You don’t have to sacrifice your fun money for bills when you learn how to make a realistic budget and stick to it – you just have to get creative to learn how to have cheap fun!

how to stick to a budget

Set A Monthly “Budget Date”

Money flies! No, seriously, your entire paycheck will be gone in the blink of an eye if you don’t control your monthly income ahead of time.

Keeping a pulse on your financial situation helps you to know what is going on with your income, grocery budget, and your monthly bills. That your budget and/or cash envelopes are doing what you WANT them to do.

It doesn’t have to be a long, treacherous, aggravating meeting. Just you and your budget buddy, (aka spouse, friend, or relative), identifying whether you met your goals for your monthly expenses or not. If not, how to fix them for next month. You are on the same team and have the same goal. So it is both of you that needs to work together to find realistic budget solutions to control your finances.

Sometimes we have an unexpected expense or even irregular expenses that pop up. It sure is nice to know that I’m not on my own to figure out how we are going to pay for it. James, my budget buddy, has really discovered some easy ways for us to sell stuff or make sacrifices (together) so that it becomes a team effort to get the job done.

how to stick to a budget

Choose To Be Content Today

In addition to telling myself no, it’s important to learn how to be content with the season of life you’re in and even with the amount that’s in your checking account.

Since this is one area you have control over, my budgeting tip is that you can choose to be content with what you have.

I say “choose” instead of “learn” because I constantly have to remind myself that I am content. I am choosing it.

Kinda like when your husband leaves his clothes on the floor. And you choose to pick them up and put them in the hamper for him. (For the umpteenth time this week.) It’s a choice not to get mad. Because he did do the dishes this week, filled up my van with gas, and made dinner several times this week.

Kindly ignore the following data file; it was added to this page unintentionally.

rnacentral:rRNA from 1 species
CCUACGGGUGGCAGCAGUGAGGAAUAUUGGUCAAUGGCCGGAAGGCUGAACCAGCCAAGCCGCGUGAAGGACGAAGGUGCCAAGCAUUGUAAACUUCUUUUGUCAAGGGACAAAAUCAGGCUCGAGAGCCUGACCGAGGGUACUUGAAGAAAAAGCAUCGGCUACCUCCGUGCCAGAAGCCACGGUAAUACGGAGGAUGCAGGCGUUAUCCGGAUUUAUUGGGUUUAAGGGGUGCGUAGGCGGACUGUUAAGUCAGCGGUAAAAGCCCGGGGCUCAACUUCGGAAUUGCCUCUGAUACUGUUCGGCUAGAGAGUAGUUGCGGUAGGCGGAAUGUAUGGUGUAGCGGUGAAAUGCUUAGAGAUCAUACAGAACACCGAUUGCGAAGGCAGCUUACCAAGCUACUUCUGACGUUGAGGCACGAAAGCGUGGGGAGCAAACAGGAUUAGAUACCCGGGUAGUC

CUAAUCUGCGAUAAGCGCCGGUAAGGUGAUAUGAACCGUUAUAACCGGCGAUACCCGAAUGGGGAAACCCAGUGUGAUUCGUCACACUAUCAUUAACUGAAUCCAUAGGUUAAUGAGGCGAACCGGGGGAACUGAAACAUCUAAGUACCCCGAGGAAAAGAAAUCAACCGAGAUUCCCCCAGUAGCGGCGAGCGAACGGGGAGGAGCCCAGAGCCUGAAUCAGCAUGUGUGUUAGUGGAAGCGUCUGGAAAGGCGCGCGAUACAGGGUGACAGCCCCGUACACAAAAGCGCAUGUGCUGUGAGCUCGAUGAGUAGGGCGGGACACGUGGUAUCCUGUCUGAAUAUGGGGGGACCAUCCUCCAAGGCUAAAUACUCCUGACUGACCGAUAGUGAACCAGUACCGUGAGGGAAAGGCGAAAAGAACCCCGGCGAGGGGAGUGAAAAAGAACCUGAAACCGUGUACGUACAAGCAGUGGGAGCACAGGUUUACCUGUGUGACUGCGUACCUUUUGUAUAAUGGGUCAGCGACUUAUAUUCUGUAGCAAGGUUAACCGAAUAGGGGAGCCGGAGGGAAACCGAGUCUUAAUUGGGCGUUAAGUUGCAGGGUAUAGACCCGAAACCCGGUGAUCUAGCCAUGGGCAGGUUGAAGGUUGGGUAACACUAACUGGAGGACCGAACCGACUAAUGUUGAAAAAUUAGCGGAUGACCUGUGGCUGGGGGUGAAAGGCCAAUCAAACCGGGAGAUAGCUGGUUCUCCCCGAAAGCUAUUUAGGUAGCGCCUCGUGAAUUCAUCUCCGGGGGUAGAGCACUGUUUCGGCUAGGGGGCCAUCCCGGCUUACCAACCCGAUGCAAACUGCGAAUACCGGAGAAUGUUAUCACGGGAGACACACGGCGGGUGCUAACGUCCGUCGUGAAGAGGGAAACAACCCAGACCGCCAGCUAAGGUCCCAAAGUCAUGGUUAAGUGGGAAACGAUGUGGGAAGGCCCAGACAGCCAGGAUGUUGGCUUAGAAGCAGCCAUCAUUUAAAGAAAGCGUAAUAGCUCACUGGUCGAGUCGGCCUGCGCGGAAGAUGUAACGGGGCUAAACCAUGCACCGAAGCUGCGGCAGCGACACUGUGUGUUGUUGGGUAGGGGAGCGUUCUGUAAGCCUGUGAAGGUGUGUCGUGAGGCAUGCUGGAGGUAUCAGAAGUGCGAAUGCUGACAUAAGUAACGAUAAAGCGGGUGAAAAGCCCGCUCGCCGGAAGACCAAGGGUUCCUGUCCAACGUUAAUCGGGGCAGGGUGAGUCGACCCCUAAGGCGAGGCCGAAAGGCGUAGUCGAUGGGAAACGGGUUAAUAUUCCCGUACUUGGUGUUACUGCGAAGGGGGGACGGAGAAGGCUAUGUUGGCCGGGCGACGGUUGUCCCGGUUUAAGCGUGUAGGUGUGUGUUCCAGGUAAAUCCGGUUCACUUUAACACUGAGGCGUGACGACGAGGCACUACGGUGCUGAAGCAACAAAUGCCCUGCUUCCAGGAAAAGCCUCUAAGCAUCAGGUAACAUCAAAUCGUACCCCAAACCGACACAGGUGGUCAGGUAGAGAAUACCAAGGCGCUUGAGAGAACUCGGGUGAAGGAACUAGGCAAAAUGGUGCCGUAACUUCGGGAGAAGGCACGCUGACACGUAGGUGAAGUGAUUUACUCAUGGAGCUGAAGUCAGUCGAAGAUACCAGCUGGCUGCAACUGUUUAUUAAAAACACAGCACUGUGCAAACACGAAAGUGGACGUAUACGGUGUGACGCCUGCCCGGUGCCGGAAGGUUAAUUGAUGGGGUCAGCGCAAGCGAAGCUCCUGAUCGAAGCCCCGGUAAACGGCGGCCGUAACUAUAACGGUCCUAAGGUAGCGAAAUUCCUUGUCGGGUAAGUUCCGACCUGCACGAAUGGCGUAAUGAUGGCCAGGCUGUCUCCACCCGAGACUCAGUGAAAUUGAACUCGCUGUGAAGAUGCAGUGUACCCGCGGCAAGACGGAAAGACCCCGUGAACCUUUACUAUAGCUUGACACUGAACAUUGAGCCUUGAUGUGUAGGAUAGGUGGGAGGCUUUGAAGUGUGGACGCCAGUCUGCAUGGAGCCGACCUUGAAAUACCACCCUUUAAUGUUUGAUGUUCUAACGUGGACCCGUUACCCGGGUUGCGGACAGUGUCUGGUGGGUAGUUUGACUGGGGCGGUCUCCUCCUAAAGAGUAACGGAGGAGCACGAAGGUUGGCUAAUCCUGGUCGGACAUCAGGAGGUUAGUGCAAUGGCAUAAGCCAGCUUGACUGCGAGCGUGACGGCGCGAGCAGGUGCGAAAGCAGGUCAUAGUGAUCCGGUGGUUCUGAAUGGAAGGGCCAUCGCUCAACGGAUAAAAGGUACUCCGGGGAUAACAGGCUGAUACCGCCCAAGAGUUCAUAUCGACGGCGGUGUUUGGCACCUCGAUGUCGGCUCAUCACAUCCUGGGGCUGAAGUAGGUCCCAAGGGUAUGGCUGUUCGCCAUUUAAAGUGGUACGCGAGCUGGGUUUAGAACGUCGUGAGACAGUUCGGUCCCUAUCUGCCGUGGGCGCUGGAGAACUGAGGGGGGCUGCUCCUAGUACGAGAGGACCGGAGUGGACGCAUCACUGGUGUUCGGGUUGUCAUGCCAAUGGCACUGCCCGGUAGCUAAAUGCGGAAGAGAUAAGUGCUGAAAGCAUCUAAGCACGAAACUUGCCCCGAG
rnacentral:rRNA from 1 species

Every time you go to spend from your checking account or cash envelopes, you are essentially making a small decision to stay on your spending plan (or not). You can decide if you want to cook at home or eat out instead. It’s up to you to look at your grocery budget and fun money cash envelopes and make the decision accordingly.


Create A Plan For Your Money

These FREE Budgeting Spreadsheets will help you keep a pulse on your money (from the palm of your hand).

There have been times when I was unable to eat out because the fun money wasn’t there. I had to learn to be content with my meal plan and cooking at home because there was no other option. If I ate out, we would go over budget. Or more realistically, not have the money in our bank account to pay our monthly bills. If we stayed in and ate what we had (sometimes that was cereal for dinner), we’d be fine. And our credit card debt didn’t go up because of the bad choice we made.

I am embarrassed to tell you that it really was that cut and dry. But that’s the truth of it.

We had to be content with the choices we made when we were in our right mind and formulating our budgeting method. This can work for you too. It will not only help you accomplish your financial goal, but it will alleviate the guilt of overspending and feeling bad about your spending habit later.

how to stick to a budget

Make A Plan For Emergencies Before The Emergency

Sticking to your budget will be an extremely difficult journey especially when you have irregular expenses pop up or even those crazy unexpected expenses.

Like the busted headlight from a flying duck…true story.

Or the water leak from the bathroom wall…

Or the kid who grew out of all of his shoes in a month…

I could go on and on about the crazy things that happen at my house that are constantly costing us money.

But the best budgeting tip I can give is to have an emergency fund for those unexpected expenses. Even with a realistic budget, you’ve got to have a budget category that includes your backup plan.

Unexpected expenses happen even to the most prepared. But it’s how we are able to ride out the tidal wave still afloat because of our emergency fund or the wave sinks us because we weren’t prepared.

I hope you learned from these tips on how to stick to a budget so your future is a financial success!

Plus, making a budget and sticking to it so you can have a larger savings account and getting out of debt – is worth the work!

And, learning how to say “No” to yourself so you learn how to stick to your budget – is so important! You’ll be able to teach your kids how to make and stick to a budget so your kids don’t end up as you did.

You have to get creative in order to learn new tricks so that you can change your spending habits to be a financial success.

But when you finally get consistent with your budgeting method and it becomes second nature, you’ll be able to stick with your budget automatically and it will be worth it!


YOUR TURN: What is your biggest struggle with learning how to stick to a budget? Let me know in the comments below!

how to stick to a budget
How To Stick To Your Budget